When I was 12 a family member and I had an argument in the car. I don’t remember what it was about, but I do remember how it made me feel: worthless, a failure, rejected. That was the first time I remember feeling like this. It was also the first time I self-harmed.
I struggled with my mental and emotional health throughout my teenage years. I ended up in hospital due to harming behaviour and a number of suicide attempts. When I was 15 Child and Adolescent Mental Health Services got involved. There was some counselling, and then talk of depression and teenage hormones.
For a number of years I struggled with my mental health, not really knowing why.
There were times when I would feel great and was loving life, but then suddenly the depression would hit. It would make everything feel dark. I was overwhelmed with a sense of emptiness and hopeless.
Fast-forward through 12 years of this continuing cycle and I finally received an answer. I ended up in hospital and was seen by a psychiatrist who asked me to fully explain my mental health journey. I explained my lows, and how I would suddenly feel great again, but when I felt great I made really stupid mistakes. It seems obvious now, but she told me the reason for my struggles and suddenly there was a light on. She said that I was, I have, bipolar (type 2) and that, with medication (for the rest of my life) and community support, I would be OK.
I finally understood that those moments of feeling great but out of control stemmed from the fact that I was hypomanic and not fully able to make healthy decisions. I understood that the depression wasn’t my fault, but my brain’s natural inclination. Knowledge is power, and now I am not just OK but healthy and happy and living a life to its fullest.
To keep doing what I love to do I knew that I had to take my mental health seriously
At 19 God called me into the wonderful world of youth work. I knew that I wanted to be the best youth worker I could be, so I did a degree and – despite the challenges of ill health and many other things – I made it through. I’ve worked for churches, councils and charities, in urban and rural areas, and with young people from all walks of life. With every new experience I love what I do more. I’ve also found God calling me and thus refining my skills to focus on emotional and mental wellbeing in young people.
But youth work is demanding and burnout rates are high. Imagine the burnout rate when your brain is wonky and depression is your baseline. To keep doing what I love to do I knew that I had to take my mental health seriously, to take responsibility, to learn to ask for help, to notice what was triggering and what was life-giving. I had to learn my legal rights, as I now qualify as a disabled person, and to take my relationship with God seriously, recognising that doctors and medication are a gift from him.
It hasn’t always been easy balancing these things. I’m the kind of person who goes above and beyond, and has a really hard time saying no or sticking to my hours (good supervision has helped with that). Pushing myself too hard is certainly not something that will keep me healthy. But I think I’ve found a good balance now. I learned some lessons the hard way, but thankfully I have learned them.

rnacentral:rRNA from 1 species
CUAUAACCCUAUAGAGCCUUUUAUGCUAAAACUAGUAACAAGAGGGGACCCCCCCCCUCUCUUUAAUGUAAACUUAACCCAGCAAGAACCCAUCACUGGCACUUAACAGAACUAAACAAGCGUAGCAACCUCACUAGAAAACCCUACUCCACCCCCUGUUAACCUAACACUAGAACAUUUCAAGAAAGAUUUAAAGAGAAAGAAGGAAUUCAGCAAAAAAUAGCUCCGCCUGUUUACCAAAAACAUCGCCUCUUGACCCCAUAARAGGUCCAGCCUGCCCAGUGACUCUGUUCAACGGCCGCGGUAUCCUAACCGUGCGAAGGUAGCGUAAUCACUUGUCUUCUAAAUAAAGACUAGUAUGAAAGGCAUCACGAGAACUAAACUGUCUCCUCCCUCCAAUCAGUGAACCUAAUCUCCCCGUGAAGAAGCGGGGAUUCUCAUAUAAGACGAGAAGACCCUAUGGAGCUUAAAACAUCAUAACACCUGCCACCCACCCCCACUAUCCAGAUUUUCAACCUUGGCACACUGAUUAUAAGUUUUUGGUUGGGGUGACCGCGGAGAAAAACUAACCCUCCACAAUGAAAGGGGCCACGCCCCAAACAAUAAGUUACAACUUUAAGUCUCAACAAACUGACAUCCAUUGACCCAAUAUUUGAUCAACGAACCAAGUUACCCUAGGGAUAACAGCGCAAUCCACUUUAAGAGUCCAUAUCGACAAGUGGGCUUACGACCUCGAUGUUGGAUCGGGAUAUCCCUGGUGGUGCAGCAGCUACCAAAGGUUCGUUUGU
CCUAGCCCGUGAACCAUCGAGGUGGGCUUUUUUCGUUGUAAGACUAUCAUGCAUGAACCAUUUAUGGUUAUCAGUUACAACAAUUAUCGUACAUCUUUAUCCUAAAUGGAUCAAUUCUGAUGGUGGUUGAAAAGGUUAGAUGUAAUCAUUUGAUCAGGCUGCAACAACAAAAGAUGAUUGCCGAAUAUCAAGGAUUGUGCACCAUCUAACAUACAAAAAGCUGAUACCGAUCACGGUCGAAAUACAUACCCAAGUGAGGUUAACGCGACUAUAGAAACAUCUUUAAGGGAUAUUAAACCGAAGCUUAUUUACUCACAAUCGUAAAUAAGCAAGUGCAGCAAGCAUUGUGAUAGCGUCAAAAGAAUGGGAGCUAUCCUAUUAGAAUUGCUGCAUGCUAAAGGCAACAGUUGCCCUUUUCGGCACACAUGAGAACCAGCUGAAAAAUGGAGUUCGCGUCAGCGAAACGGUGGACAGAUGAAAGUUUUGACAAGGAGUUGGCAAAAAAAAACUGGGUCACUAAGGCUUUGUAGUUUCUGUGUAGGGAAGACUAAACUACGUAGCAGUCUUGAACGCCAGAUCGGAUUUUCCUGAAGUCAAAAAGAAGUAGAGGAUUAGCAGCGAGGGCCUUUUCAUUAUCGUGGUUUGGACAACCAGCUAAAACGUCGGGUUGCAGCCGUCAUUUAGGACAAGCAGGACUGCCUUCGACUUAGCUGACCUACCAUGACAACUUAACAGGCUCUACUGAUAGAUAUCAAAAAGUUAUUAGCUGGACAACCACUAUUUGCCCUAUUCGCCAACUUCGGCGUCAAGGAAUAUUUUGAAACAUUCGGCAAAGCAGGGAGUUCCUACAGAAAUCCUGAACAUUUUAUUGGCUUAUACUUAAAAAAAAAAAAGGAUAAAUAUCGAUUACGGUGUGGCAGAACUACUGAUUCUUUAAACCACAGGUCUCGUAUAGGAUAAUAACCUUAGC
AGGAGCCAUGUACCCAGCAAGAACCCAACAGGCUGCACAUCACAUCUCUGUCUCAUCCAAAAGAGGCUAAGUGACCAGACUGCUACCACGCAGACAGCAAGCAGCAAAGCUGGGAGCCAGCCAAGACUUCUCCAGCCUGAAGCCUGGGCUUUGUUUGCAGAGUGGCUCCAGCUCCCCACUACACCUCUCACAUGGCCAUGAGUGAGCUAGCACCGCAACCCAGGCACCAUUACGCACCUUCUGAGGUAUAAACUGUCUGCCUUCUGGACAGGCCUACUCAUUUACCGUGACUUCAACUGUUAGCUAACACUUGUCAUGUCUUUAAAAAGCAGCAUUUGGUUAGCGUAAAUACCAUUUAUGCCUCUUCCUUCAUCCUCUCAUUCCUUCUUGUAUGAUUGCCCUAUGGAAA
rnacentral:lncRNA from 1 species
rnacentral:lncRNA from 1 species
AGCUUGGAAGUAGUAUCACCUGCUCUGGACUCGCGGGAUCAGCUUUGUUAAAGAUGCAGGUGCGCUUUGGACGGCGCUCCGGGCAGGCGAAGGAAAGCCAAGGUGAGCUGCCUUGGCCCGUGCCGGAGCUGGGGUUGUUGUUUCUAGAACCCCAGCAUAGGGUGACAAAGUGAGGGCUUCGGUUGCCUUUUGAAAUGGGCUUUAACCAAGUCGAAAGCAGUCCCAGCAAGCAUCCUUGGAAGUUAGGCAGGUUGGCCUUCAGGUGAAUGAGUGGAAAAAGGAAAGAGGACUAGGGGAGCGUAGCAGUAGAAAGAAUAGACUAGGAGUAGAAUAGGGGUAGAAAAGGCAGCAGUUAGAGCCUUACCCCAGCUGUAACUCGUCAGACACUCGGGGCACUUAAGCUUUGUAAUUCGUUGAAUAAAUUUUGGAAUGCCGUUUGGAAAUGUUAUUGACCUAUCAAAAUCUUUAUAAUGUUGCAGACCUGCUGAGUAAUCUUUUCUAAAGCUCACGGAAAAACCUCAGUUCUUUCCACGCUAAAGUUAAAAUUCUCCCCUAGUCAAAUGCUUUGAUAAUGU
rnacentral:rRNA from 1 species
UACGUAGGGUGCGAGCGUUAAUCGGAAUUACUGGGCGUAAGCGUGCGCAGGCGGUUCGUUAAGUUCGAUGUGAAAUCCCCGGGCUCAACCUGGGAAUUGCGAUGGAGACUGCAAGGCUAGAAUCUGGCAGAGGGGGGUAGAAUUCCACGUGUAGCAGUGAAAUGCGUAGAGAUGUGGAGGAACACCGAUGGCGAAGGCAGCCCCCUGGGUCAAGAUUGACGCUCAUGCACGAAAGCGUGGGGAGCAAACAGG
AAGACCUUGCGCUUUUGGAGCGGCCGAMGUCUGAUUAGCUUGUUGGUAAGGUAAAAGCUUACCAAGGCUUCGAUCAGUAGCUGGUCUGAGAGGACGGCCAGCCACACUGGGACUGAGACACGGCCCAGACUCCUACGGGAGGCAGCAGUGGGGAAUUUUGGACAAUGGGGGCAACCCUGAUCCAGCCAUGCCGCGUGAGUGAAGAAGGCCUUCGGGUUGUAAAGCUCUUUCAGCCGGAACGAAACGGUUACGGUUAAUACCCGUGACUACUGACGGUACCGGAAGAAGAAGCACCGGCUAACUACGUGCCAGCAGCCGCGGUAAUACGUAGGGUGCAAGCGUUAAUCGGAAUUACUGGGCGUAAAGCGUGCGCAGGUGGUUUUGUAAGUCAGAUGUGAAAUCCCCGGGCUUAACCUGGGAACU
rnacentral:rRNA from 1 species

In April this year I became unwell again. My brain went up and then it came crashing down, because that’s what my brain does. There was no reason or trigger. I have an amazing life, a great husband, a great job, a great church, great friends and a great community around me, but my brain just decided to do what it sometimes does.
The moment I knew I was unwell I contacted my boss and a few other essential people at work to tell them what was going on. I updated them daily and made the choice to tell my whole team. I took time off from doing face-to-face work and focused on getting better. There were days when I was in the office and all I could manage was writing a to-do list, or a shopping list for Soul Survivor. I had to take more medication than normal, have regular meetings with the mental health team, and prioritise eating well and exercising.
It was tough making those decisions, but I knew if I wanted to be doing this I had to be realistic about what I could do. Thankfully, I had great support from my work, though this hasn’t always been the case. I have had employers ask me if I can do the job or whether they need to start thinking about alternatives. I’ve had people tell me I’m not emotionally strong enough and other unhelpful things.
Being bipolar is a medical condition, like asthma (which I also have). It gives me a unique view of the world, of God and faith and of how others struggle. Being bipolar also makes me a better person, Christian and youth worker.
Jesus came to give us life, and life in its fullness. Shame doesn’t play into that desire for our lives. It’s something I choose not to be ashamed of. I find God in the despair I experience and in the extreme joy, but most importantly I find God in the support and love of those people around me.
Medication and medical intervention, honesty and vulnerability, assurance in who I am and what I can do, having people around me who love me but aren’t afraid to ask questions about how I’m doing, knowing when to take some time off… all these things and more are how I function and flourish as a youth worker.